Prince Harry says the royal institution was 'without a doubt withholding information' about tabloids hacking his phone
Prince Harry is suing Associated Newspapers for illegally obtaining information on him and others.
He said in a witness statement the royal institution was "withholding information" about phone hacking.
He also called reporters who worked for Associated Newspapers "criminals with journalistic powers."
Prince Harry said the royal institution was "withholding information" from him "for a long time" about illegal phone hacking.
(The institution refers to the business of the monarchy, which includes both royals and those who work for them.)
The Duke of Sussex made the claims in a witness statement as part of his lawsuit against Associated Newspapers (which publishes The Daily Mail, The Mail on Sunday, and Metro, among others), People's Stephanie Petit reports.
Harry — who appeared in a London court on Tuesday — is suing the company for illegal information gathering. In his suit, he joins a slew of other famous people, including Elton John and Elizabeth Hurley. They accused Associated Newspapers of bugging their homes and cars with listening devices, a law firm representing the group said in October 2022, according to the BBC.
Associated Newspapers denied the claims at the time in a statement sent to Insider: "These unsubstantiated and highly defamatory claims — based on no credible evidence — appear to be simply a fishing expedition by claimants and their lawyers, some of whom have already pursued cases elsewhere."
In his witness statement, Harry said he did not pursue legal action over phone hacking for years in part because the monarchy kept information from him, People reported.
"Following the death of my mother in 1997 when I was 12 years old and her treatment at the hands of the press, I have always had an uneasy relationship with the press," Harry said in the statement, referring to Princess Diana, according to People.
"However, as a member of the Institution, the policy was to 'never complain, never explain.' There was no alternative; I was conditioned to accept it. For the most part, I accepted the interest in my performing my public functions," he went on to say.
But Harry said his perspective changed when he started dating Meghan Markle and saw how she was treated by the press, which he said "got worse" when they had their first child, Prince Archie. According to his witness statement, he later realized he could sue the company for its practices in 2018, but he didn't know how deep the case could go until he stepped back as a senior royal in 2020.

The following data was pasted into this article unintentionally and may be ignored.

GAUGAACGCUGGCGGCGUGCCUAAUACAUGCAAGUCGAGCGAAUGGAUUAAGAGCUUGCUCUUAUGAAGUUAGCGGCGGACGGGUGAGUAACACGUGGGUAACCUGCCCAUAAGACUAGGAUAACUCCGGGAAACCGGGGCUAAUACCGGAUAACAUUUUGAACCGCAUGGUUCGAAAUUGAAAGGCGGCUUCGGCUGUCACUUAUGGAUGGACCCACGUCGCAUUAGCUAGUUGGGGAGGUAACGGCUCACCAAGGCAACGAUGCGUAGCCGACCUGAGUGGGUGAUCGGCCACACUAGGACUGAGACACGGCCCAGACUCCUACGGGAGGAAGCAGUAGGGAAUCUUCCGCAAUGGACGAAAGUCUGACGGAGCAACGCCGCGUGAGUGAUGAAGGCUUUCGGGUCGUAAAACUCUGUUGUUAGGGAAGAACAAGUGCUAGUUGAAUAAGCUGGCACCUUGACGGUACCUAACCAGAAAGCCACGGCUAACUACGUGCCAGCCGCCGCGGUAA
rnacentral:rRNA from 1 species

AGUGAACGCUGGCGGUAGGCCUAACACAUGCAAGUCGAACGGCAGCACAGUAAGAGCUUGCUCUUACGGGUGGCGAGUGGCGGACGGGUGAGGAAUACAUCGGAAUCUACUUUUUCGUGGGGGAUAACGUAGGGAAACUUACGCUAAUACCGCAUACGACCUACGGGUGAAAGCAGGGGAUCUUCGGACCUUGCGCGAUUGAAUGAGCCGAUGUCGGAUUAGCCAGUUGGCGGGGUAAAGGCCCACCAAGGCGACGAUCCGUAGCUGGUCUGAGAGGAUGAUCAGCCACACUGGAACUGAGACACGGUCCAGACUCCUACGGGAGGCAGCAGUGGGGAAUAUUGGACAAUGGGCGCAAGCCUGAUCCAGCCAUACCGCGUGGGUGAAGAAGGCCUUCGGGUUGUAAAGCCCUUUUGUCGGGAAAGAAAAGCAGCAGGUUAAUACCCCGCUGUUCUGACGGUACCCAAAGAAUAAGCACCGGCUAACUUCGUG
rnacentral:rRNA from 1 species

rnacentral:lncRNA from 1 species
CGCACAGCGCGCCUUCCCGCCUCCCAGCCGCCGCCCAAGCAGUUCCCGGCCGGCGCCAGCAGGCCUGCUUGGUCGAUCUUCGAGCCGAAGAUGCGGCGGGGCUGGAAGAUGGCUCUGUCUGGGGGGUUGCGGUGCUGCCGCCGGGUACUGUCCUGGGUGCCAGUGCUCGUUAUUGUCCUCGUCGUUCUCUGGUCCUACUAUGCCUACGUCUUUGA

Harry went on to say in his witness statement that there was an "agreement" between the institution and another media group that's not tied to the lawsuit, Rupert Murdoch's News Group Newspapers (NGN), over phone hacking. NGN publishes The Sun.
"There was in place an agreement between the Institution and NGN that we would not engage, or even discuss, the possibility of bringing claims against NGN until the litigation against it relating to phone hacking was over," Prince Harry said in his witness statement, according to The Guardian's Jim Waterson. "The Institution made it clear that we did not need to know anything about phone hacking and it was made clear to me that the royal family did not sit in the witness box because that could open up a can of worms."
"The Institution was without a doubt withholding information from me for a long time about NGN's phone hacking and that has only become clear in recent years as I have pursued my own claim with different legal advice and representation," his witness statement went on to say, according to The Guardian.
"It is not an exaggeration to say that the bubble burst in terms of what I knew in 2020 when I moved out of the United Kingdom," he added, speaking of his and Meghan's move to Montecito, California.
Harry and Meghan ceased working with any brands owned by Associated Newspapers after they stepped back as senior royals, as they stopped participating in the royal rota system, which gives outlets like The Sun, the Daily Mirror, and the Daily Mail preferred access to the royal family.
As People reported, Harry went on to say in his statement that the structure of the institution prevented him from knowing if others had taken legal action against Associated Newspapers, saying there "was never any centralized discussion between us about who had brought claims as each office in the Institution is siloed. There is this misconception that we are all in constant communication with one another but that is not true."
He also said he brought the claim because of his love for his country and his concern about the "unchecked power, influence and criminality of Associated [Newspapers]."
"The evidence I have seen shows that Associated's journalists are criminals with journalistic powers which should concern every single one of us," Harry said, according to People. "The British public deserve to know the full extent of this cover up and I feel it is my duty to expose it."
Representatives for Prince Harry and Buckingham Palace did not immediately respond to Insider's request for comment.
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